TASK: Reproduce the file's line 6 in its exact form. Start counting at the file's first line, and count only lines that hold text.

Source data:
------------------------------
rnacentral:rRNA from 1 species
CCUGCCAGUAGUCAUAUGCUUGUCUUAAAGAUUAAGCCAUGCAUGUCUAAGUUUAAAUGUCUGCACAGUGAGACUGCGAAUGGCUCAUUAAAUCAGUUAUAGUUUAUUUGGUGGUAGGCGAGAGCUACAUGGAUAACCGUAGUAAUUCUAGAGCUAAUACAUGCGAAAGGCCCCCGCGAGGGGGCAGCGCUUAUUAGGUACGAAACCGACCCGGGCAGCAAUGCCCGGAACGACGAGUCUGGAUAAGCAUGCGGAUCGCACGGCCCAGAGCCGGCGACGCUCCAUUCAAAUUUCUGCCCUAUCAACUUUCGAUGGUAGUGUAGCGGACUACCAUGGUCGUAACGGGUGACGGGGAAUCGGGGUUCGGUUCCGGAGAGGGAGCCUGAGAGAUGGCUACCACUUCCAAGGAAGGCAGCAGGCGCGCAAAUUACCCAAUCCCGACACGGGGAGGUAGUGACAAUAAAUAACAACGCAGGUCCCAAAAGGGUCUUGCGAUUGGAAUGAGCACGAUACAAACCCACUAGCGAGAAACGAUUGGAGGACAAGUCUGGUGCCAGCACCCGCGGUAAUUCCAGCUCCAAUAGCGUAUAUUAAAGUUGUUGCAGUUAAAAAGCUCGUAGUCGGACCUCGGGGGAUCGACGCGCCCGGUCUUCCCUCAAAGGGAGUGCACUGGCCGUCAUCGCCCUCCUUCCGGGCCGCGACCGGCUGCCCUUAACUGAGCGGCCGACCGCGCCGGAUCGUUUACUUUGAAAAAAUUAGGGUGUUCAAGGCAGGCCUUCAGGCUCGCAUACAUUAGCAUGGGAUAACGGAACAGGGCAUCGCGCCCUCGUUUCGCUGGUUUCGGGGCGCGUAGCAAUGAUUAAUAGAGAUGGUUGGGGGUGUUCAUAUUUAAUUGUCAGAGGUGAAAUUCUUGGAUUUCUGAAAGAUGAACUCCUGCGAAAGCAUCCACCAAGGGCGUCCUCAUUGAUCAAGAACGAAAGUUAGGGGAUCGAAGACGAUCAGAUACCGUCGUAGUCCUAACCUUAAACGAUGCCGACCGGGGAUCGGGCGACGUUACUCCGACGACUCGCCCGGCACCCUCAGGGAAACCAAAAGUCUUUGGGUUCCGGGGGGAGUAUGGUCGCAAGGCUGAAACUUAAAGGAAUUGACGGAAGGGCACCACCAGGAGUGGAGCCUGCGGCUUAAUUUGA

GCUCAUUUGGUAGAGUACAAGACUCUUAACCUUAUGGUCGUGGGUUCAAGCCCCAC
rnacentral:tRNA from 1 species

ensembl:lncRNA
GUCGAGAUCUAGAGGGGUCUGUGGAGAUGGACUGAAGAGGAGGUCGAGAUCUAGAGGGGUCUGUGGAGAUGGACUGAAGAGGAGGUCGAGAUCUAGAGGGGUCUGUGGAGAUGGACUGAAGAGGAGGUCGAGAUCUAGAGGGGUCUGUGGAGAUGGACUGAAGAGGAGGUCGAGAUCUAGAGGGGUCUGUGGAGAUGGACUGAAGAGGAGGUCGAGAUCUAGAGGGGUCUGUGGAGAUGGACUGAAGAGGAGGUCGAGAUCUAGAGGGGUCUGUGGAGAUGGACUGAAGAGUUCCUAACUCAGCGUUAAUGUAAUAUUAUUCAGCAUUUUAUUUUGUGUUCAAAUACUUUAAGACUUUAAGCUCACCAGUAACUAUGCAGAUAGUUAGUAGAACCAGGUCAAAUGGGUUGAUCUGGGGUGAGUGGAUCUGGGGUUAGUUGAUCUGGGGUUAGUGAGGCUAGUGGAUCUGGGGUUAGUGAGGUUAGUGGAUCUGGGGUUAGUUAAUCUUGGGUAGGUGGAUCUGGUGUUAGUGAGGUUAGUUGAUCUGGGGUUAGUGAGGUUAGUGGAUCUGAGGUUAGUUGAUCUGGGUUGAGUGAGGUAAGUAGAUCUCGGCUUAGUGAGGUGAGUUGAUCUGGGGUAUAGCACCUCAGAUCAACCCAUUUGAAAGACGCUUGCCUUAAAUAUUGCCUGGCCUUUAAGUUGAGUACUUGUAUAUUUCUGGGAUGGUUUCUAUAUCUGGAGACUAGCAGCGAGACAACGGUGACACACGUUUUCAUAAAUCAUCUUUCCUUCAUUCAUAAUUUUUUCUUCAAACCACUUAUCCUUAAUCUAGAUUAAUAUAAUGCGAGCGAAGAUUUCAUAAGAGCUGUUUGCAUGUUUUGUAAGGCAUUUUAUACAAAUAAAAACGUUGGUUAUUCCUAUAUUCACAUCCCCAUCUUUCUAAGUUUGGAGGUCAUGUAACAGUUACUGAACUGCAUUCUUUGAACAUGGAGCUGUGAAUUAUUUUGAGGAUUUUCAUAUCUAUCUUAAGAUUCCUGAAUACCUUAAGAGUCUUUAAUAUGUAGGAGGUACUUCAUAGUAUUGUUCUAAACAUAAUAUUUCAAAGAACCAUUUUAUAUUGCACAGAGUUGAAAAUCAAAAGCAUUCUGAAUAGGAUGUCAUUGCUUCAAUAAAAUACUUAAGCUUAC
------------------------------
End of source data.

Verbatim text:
GUCGAGAUCUAGAGGGGUCUGUGGAGAUGGACUGAAGAGGAGGUCGAGAUCUAGAGGGGUCUGUGGAGAUGGACUGAAGAGGAGGUCGAGAUCUAGAGGGGUCUGUGGAGAUGGACUGAAGAGGAGGUCGAGAUCUAGAGGGGUCUGUGGAGAUGGACUGAAGAGGAGGUCGAGAUCUAGAGGGGUCUGUGGAGAUGGACUGAAGAGGAGGUCGAGAUCUAGAGGGGUCUGUGGAGAUGGACUGAAGAGGAGGUCGAGAUCUAGAGGGGUCUGUGGAGAUGGACUGAAGAGUUCCUAACUCAGCGUUAAUGUAAUAUUAUUCAGCAUUUUAUUUUGUGUUCAAAUACUUUAAGACUUUAAGCUCACCAGUAACUAUGCAGAUAGUUAGUAGAACCAGGUCAAAUGGGUUGAUCUGGGGUGAGUGGAUCUGGGGUUAGUUGAUCUGGGGUUAGUGAGGCUAGUGGAUCUGGGGUUAGUGAGGUUAGUGGAUCUGGGGUUAGUUAAUCUUGGGUAGGUGGAUCUGGUGUUAGUGAGGUUAGUUGAUCUGGGGUUAGUGAGGUUAGUGGAUCUGAGGUUAGUUGAUCUGGGUUGAGUGAGGUAAGUAGAUCUCGGCUUAGUGAGGUGAGUUGAUCUGGGGUAUAGCACCUCAGAUCAACCCAUUUGAAAGACGCUUGCCUUAAAUAUUGCCUGGCCUUUAAGUUGAGUACUUGUAUAUUUCUGGGAUGGUUUCUAUAUCUGGAGACUAGCAGCGAGACAACGGUGACACACGUUUUCAUAAAUCAUCUUUCCUUCAUUCAUAAUUUUUUCUUCAAACCACUUAUCCUUAAUCUAGAUUAAUAUAAUGCGAGCGAAGAUUUCAUAAGAGCUGUUUGCAUGUUUUGUAAGGCAUUUUAUACAAAUAAAAACGUUGGUUAUUCCUAUAUUCACAUCCCCAUCUUUCUAAGUUUGGAGGUCAUGUAACAGUUACUGAACUGCAUUCUUUGAACAUGGAGCUGUGAAUUAUUUUGAGGAUUUUCAUAUCUAUCUUAAGAUUCCUGAAUACCUUAAGAGUCUUUAAUAUGUAGGAGGUACUUCAUAGUAUUGUUCUAAACAUAAUAUUUCAAAGAACCAUUUUAUAUUGCACAGAGUUGAAAAUCAAAAGCAUUCUGAAUAGGAUGUCAUUGCUUCAAUAAAAUACUUAAGCUUAC